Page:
Roman amphitheatre - Ruins
Together with Arco d'Augusto and the Ponte di Tiberio, this completes the triad of the city's main monuments dating from Roman times. Built under Hadrian in the 2nd century AD, as demonstrated by the discovery of a coin bearing the effigy of the Emperor in some masonry, it was uncovered following excavations in 1843-44, which were followed by the more important ones of 1926 and 1935.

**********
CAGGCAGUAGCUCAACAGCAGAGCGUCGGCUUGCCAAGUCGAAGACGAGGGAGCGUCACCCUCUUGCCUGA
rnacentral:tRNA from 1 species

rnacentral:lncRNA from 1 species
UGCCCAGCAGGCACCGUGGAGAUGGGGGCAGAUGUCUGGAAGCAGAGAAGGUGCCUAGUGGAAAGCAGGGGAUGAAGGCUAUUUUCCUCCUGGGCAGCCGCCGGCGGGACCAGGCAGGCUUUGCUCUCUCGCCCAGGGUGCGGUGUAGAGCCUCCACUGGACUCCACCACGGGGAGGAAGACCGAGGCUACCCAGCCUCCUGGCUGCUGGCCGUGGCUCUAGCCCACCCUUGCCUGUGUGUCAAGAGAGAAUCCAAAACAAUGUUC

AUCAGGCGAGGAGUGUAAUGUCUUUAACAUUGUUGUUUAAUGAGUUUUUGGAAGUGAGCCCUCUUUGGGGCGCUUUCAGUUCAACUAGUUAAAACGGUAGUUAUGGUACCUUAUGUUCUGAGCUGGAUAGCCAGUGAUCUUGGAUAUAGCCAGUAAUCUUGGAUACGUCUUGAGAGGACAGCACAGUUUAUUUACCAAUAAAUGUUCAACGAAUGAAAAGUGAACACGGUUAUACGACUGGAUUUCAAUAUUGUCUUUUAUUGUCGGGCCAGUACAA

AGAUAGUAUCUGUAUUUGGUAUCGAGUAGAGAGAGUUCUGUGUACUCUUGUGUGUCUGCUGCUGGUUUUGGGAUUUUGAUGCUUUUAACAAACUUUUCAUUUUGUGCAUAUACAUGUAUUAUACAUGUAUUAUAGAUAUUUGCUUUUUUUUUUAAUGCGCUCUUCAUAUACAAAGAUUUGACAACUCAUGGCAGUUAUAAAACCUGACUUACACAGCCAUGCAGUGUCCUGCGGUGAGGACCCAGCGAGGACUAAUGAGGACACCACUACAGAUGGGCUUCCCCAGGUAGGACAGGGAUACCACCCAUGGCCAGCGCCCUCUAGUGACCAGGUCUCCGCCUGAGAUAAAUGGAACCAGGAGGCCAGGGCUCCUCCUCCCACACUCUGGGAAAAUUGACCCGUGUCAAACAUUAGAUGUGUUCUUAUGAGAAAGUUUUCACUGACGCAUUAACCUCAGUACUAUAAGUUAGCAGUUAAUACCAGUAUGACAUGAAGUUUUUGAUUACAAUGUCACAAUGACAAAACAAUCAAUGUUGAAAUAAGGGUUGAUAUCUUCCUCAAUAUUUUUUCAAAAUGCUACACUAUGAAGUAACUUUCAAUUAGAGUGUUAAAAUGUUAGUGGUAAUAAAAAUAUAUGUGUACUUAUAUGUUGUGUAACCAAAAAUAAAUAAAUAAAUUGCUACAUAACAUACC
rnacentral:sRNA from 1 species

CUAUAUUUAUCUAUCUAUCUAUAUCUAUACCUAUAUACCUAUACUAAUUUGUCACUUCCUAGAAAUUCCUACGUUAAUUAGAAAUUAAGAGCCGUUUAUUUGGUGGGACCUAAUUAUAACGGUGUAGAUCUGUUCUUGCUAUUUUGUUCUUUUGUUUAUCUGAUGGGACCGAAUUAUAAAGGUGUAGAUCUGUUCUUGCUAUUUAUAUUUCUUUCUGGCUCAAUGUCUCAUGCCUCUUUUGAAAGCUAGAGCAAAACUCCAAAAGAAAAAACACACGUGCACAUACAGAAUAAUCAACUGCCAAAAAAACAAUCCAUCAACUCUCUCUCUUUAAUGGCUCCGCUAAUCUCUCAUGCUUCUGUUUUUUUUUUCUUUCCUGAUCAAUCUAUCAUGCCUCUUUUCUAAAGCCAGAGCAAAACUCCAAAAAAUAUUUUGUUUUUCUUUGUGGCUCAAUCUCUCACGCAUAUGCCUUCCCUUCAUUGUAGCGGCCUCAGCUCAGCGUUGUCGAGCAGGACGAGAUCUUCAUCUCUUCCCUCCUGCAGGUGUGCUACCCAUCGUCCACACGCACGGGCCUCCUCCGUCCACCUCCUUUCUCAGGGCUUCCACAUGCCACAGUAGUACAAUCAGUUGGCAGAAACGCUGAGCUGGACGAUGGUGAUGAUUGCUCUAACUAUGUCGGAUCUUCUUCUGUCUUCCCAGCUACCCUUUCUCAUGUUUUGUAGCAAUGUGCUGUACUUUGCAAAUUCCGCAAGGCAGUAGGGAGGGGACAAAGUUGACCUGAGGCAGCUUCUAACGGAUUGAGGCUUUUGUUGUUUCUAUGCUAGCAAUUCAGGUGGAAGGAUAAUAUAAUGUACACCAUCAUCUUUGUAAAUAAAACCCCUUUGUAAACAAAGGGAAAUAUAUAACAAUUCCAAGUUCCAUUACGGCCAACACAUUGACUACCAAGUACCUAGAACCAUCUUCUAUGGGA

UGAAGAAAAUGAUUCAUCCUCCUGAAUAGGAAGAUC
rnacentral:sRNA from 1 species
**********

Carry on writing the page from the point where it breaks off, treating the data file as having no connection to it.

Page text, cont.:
What survives demonstrates that the amphitheatre in Rimini was certainly one of the most imposing in the region, as well as being the only one to partially survive in Emilia Romagna. The brick structure is elliptical in shape, with its main axis measuring 118 m and the smaller one 88 m; it consisted of four concentric rings with an overall thickness of 21,80 m. The size of the elliptical arena (73,76 m and 44,52 m) made it similar to that of the Coliseum. It was 16-17 m high and its external portico had 60 arches; two are still visible, incorporated into the walls when the city gave itself a new ring of defences against the Barbarian invasions. In the Middle Ages, it was used as allotments and in the 17th century as a lazaretto. It suffered the most serious damage during WWII. Of the great complex, which could originally accomodate up to 12,000 spectators, you can still see the two arches of the esternal portico and part of the arena and the cavea.